The trauma caused by the death of a close friend endures four times longer than previously believed, according to new research from The Australian National University (ANU).
The researchers warn a lack of recognition about the time it takes people to mourn a close friend is leading to inadequate support being made available during the grieving process.
The study shows the death of a close friend will significantly affect a person’s physical, psychological and social well-being up to at least four years.
Previous studies suggested the grieving period lasted for around 12 months.
The study analysed longitudinal data and indicators of health from the Household, Income and Labour Dynamics in Australia Survey of 26,515 Australians, of whom 9,586 had experienced the death of at least one close friend.
Lead author Dr. Wai-Man (Raymond) Liu said the study found people grieving a close friend suffered a significant decline in physical health, mental health, emotional stability and social life.
“These findings raise serious concerns with the way we manage the recovery for people dealing with the loss of a close friend,” said Dr. Lui.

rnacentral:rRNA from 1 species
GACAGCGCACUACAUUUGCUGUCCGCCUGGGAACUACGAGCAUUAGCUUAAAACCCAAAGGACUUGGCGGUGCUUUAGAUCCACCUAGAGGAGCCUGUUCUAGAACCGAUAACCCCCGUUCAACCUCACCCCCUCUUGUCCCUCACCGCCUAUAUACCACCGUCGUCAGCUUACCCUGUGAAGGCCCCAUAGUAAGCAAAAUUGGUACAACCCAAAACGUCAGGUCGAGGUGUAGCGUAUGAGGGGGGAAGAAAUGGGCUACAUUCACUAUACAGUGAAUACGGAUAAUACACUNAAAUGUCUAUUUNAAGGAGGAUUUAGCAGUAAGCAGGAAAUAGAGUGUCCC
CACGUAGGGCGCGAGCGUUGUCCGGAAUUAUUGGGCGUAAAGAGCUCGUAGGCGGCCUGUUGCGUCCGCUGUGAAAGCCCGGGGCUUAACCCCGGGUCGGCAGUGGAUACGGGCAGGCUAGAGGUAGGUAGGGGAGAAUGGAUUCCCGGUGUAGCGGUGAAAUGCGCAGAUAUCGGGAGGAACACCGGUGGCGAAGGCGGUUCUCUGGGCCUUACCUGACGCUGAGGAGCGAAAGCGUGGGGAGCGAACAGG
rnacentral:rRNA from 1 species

“We found there are serious declines in the health and wellbeing of people who had experienced the death of a close friend any time in the last four years.
“We all know that when someone loses a partner, parent or child, that person is likely to suffer through a significant grieving period.
“Yet death of a close friend, which most of us will experience, is not afforded the same level of seriousness by employers, doctors, and the community.
“The death of a friend is a form of disenfranchised grief—one not taken so seriously or afforded such significance”
“This is leaving people without the support and services they need during a very traumatic period of their lives.”
Dr. Liu has called on medical practitioners and policy makers to rethink the way they approach dealing with people’s grief after the loss of a friend.
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